Regardless of the destination buffer format, MIL converts the Bayer image first to RGB, and then to the format of the destination buffer.

This is the default demosaicing algorithm used by MbufBayer().

Adaptive algorithm

The bilinear demosaicing algorithm is simple, fast, and does an effective job of demosaicing the Bayer images. However, since it uses only the neighborhood averages to determine the pixel values, details are sometimes lost and sporadic artifacts are introduced. To minimize image artifacts, such as the zipper effect and false colors, you can use the adaptive demosaicing algorithm to convert your images.

The adaptive demosaicing algorithm analyzes the surrounding neighborhood of the source pixel and assigns weights to its neighbors. MIL then uses these weights in the calculation of the destination pixel value, depending on the neighbor's relevancy to the source pixel.

To use the adaptive demosaicing algorithm, add M_ADAPTIVE to the ControlFlag parameter.

Average algorithm

The average algorithm is the fastest demosaicing algorithm. The average algorithm uses a 2x2 neighborhood kernel to perform the demosaicing. When using this algorithm the zipper effect is minimal, but the image is shifted by half a pixel to the left and by half a pixel upwards and some false colors can be introduced.

To use the average demosaicing algorithm, add M_AVERAGE_2X2 to the ControlFlag parameter.

Performing color correction

Sometimes grabbed images appear with a color fringe on transition edges. To minimize these color artifacts on the edges, you can perform a color correction on the image during the Bayer conversion.

Color correction can only be used in conjunction with the adaptive demosaicing algorithm and is designed to produce very good looking vertical and horizontal edges. For best visual results, you should combine M_ADAPTIVE and M_COLOR_CORRECTION together.

The following compares the results of the two demosaicing algorithms and the effect of color correction.

Performing gamma correction

For typical machine vision processing applications, an image should not be gamma corrected; however, it can be useful to perform gamma correction for display purposes. There is typically a non-linear relationship between a pixel's value and its displayed intensity on your display device. Therefore, images can look either bleached out or too dark. You can compensate for the non-linear output of your display device by performing gamma correction. You should pass positive exponents in the range of 0.0 to 1.0 (most commonly, 0.45) for the red, green, and blue band in the fourth, fifth, and sixth elements of the MIL array buffer, respectively. MbufBayer() performs gamma correction on the raw RGB values of your image before performing white balancing and demosaicing.

White balancing your Bayer images

Sometimes grabbed images appear with "the wrong colors". This is due primarily to color distortions introduced by the light source or lighting conditions. You can correct such distortions by performing white balancing on the image. MbufBayer() uses the gray world assumption algorithm to perform white balancing.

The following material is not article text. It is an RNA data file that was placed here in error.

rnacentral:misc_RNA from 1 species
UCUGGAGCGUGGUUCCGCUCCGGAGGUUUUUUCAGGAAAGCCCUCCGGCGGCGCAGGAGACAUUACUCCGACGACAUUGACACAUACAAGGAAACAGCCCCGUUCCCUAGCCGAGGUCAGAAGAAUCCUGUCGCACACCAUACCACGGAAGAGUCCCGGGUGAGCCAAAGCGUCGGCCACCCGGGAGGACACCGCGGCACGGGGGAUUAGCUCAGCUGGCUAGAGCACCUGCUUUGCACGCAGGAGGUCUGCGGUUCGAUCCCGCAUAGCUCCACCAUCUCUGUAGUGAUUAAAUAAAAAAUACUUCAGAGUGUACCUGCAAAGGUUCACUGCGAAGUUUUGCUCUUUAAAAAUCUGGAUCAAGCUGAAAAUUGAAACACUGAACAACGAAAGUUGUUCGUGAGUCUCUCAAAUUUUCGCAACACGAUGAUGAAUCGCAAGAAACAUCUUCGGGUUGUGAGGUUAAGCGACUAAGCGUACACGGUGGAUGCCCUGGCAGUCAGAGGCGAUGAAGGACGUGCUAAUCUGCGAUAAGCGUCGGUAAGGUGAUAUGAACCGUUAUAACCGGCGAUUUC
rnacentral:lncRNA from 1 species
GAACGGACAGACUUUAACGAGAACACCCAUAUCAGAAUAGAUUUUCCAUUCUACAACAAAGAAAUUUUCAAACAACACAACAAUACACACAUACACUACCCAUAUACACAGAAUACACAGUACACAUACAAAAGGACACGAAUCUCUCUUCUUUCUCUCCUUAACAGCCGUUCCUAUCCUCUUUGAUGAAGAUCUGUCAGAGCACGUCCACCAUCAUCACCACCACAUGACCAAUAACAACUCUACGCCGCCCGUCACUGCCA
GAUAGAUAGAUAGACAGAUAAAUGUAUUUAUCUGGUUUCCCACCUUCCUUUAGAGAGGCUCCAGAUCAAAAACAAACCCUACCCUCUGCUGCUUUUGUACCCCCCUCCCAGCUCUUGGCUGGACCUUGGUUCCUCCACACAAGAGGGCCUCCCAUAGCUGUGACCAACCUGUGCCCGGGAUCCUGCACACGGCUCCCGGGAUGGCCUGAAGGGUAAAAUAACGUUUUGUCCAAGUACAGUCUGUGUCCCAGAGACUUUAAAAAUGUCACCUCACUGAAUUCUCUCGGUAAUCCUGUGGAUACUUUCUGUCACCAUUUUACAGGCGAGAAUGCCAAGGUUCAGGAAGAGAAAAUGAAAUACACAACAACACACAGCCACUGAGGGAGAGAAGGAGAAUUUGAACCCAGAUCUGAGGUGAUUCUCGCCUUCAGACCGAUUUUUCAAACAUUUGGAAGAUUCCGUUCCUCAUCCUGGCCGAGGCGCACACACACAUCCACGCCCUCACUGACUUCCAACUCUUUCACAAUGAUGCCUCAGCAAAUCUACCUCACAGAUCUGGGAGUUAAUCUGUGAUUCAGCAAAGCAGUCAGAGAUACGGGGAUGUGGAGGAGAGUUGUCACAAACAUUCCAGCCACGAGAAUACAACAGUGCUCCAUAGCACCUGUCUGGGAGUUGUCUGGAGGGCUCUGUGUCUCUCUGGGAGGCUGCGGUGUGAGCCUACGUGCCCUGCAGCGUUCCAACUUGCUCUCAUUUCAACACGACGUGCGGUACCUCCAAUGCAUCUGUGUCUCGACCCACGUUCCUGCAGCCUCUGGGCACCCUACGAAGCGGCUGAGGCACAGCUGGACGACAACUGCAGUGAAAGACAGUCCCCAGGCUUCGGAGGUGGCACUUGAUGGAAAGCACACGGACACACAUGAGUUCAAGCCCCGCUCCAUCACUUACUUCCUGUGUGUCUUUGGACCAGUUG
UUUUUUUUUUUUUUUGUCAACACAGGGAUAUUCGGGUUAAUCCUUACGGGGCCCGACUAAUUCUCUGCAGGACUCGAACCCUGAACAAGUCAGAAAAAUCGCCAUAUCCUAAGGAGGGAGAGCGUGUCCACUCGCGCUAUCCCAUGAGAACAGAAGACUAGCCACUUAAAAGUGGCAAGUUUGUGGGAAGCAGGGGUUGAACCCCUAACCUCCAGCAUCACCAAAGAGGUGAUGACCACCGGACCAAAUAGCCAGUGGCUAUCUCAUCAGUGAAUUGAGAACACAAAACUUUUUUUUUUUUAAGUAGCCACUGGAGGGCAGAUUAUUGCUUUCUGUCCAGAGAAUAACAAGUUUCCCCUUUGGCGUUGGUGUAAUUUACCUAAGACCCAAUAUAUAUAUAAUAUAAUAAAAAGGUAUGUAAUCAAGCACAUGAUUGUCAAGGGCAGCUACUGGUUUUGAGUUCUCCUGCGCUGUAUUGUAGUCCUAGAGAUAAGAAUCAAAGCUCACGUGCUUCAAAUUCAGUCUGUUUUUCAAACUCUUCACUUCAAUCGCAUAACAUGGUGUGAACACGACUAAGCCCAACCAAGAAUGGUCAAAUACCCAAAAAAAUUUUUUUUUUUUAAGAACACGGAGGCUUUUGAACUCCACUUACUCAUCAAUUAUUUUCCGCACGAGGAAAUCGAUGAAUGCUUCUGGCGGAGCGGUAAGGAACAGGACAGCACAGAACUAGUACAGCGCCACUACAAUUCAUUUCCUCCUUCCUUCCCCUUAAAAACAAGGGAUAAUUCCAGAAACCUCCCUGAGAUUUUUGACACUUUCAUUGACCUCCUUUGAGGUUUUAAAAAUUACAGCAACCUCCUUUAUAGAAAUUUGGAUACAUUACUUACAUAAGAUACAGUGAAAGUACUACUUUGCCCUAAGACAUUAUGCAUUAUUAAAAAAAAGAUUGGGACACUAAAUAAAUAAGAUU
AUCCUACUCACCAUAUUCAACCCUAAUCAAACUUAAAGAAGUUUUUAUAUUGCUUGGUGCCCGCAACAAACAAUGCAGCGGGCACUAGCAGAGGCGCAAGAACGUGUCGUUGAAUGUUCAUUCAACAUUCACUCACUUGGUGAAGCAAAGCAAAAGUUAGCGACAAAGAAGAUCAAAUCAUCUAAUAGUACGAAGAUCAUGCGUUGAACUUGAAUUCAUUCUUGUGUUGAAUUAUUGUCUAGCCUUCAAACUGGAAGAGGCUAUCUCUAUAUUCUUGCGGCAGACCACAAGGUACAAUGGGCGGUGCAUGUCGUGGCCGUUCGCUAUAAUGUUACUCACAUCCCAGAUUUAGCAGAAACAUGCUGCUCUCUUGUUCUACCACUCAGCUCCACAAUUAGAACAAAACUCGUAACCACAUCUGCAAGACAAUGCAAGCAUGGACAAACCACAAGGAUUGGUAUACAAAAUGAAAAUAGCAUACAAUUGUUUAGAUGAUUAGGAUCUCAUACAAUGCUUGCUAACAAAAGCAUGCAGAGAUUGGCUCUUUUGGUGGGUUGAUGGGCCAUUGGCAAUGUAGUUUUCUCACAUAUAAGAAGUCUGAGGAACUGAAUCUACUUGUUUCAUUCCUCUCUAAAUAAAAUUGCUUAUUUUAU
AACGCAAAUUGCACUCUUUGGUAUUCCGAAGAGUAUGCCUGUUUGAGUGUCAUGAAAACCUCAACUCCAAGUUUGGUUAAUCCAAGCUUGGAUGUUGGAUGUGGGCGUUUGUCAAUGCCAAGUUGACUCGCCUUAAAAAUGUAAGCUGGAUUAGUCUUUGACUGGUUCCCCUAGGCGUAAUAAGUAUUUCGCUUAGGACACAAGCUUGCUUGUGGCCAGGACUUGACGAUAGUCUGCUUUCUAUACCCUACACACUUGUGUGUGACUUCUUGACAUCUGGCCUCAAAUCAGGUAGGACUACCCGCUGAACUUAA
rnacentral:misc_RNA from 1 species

The steps below show how to white balance Bayer images using the MbufBayer() function:

  1. Grab an image that is a uniform shade of gray. To do so, hold a flat, smooth, non-reflective object that is a uniform shade of gray in front of the camera so that the object occupies the camera's entire field of view. The shade of gray should not be too close to white (too saturated); otherwise, one or more of the color bands might be clipped during the grab to maximum saturation, and the imbalance between the bands cannot be properly observed.

    Ensure that the image is grabbed under the same lighting conditions as subsequent source images. Note that it is unlikely that you will be able to grab an image whose pixels have the same red, green, and blue value.

  2. Allocate a 3x1 (or 6x1 if gamma is used) MIL array of type M_FLOAT using MbufAlloc1d() or MbufAlloc2d().

  3. Call MbufBayer(), using the gray image as the source image, and adding M_WHITE_BALANCE_CALCULATE to the ControlFlag parameter. This call calculates the three coefficients required to white balance the specified source image and writes them to the array.

    Alternatively, you could fill an array with custom values, and then load these values (in the order described below) into the MIL array using MbufPut1d() or MbufPut2d().

  4. Grab the image required for the Bayer conversion.

  5. Call MbufBayer(), using the new source image and the MIL array with the white balance coefficients.

When MbufBayer() calculates the coefficients, the three white balancing coefficients, a, b, and c, are calculated and written to the array as the first, second, and third values, respectively. These coefficients are for a given lighting condition, and calculated such that given an image of a flat gray surface in that lighting:

where R, G, and B with macrons (¯) are the average values of the red, green, and blue color components, respectively. When source images are converted, the color components of each pixel are multiplied by their corresponding coefficient. Regardless of the destination buffer format, white balancing is performed on the gamma corrected RGB values (if gamma correction is performed at all).